Reduced tillage field corn (Zea mays L.) production in Manitoba
Wall, David Alexander.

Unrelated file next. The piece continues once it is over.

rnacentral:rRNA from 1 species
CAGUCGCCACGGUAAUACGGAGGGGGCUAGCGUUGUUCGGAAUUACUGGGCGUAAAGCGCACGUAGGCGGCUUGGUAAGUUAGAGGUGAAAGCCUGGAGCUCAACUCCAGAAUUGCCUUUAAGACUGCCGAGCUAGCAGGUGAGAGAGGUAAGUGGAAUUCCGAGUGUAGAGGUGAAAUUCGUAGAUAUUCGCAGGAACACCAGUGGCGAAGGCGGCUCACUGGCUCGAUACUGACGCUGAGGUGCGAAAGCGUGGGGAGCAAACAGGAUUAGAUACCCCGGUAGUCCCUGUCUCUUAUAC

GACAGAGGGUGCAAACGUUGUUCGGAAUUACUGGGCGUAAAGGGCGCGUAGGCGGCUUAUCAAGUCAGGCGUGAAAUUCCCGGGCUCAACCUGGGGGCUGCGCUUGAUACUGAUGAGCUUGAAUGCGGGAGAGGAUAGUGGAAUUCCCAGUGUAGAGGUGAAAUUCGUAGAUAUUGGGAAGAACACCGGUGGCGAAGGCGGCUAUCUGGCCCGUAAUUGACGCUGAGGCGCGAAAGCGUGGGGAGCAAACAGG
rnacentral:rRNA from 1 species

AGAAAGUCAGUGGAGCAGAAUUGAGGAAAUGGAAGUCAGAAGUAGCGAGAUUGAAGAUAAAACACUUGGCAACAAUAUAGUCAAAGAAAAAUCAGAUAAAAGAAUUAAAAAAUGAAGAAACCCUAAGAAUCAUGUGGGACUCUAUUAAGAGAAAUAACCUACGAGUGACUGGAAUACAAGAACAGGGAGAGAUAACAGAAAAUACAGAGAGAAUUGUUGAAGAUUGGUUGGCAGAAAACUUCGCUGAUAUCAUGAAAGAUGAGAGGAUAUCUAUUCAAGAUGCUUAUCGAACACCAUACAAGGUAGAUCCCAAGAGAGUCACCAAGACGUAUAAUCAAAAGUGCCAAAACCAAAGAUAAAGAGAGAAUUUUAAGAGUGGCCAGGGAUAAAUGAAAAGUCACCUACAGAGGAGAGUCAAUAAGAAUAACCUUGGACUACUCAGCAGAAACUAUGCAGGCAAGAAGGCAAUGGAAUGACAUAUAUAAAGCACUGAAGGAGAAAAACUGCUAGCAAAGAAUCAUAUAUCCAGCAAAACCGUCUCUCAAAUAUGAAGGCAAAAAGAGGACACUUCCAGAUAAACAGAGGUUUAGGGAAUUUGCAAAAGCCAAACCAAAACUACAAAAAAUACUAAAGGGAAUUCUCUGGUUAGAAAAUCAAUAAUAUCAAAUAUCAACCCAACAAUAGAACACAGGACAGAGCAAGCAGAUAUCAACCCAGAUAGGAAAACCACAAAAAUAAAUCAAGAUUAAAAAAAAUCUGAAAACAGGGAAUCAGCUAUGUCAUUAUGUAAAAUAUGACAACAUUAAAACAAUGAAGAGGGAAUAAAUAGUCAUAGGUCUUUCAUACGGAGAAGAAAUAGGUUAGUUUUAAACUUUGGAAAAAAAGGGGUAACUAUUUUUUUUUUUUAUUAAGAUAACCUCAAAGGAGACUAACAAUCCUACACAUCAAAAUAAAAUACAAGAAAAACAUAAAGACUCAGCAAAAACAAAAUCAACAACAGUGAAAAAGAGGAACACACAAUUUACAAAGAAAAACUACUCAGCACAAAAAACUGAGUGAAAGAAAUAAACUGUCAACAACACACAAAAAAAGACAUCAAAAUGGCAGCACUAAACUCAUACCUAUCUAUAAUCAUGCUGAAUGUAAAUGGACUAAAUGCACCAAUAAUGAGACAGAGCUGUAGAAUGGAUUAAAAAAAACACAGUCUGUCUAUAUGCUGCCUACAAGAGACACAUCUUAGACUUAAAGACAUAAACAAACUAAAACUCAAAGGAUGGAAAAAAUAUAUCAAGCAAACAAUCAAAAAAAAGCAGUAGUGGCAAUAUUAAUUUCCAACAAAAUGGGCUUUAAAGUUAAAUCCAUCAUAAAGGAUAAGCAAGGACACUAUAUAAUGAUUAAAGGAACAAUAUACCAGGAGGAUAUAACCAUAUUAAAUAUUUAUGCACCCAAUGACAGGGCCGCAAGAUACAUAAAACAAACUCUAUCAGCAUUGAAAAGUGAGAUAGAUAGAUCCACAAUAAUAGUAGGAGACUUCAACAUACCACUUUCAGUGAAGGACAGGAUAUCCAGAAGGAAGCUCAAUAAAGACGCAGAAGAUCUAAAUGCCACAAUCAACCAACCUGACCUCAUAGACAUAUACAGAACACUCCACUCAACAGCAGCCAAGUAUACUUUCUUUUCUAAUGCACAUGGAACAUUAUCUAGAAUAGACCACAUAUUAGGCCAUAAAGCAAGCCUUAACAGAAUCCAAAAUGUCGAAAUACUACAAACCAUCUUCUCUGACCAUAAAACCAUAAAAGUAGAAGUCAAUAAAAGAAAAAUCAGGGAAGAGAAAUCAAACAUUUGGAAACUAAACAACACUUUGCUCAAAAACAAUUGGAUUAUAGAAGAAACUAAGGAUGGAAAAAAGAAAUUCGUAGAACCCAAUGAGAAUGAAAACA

Field studies were conducted on field corn (Zea mays L.) under various conventional and reduced tillage cropping systems and straw management practices to determine the effect on soil physical properties, crop growth, development and yield. The performance of eight corn hybrids was evaluated under conventional and zero tillage to study the adaptability of hybrids to zero tillage cropping practices. Corn under zero tillage exhibited delays in emergence, silking and maturity, reduced plant populations, dry matter, plant height and grain yields. The negative effects of zero tillage on crop performance were attributed to poorer seed placement and lower soil temperatures. The lower soil temperatures and higher soil water content which occurred under zero tillage were attributed to the presence of a barley straw mulch on the soil surface. The performance of the corn grown under conventional tillage, in which the seedbed had been prepared the previous fall, was superior to all other treatments examined. The superior performance of the fall tillage treatment was considered to have resulted from improved seed placement and greater soil moisture. The removal of the barley straw mulch from the soil surface promoted earlier silking and maturity, increased plant heights, populations and grain yields in corn. The removal of the straw mulch resulted in increased soil temperatures relative to where the straw mulch had been retained. The eight hybrids examined exhibited similar responses to zero tillage during the growing season. At harvest, however, the hybrids exhibited a differential yield response to tillage. Four hybrids; Pioneer 3995, Pride R102, Pride R108 and Pickseed 2322 wee not affected by zero tillage, while the remaining hybrids; Pickseed 2111, Asgrow RX22, Pioneer 3992 and Funks G4065 exhibited reduced grain yields under the zero tillage treatment.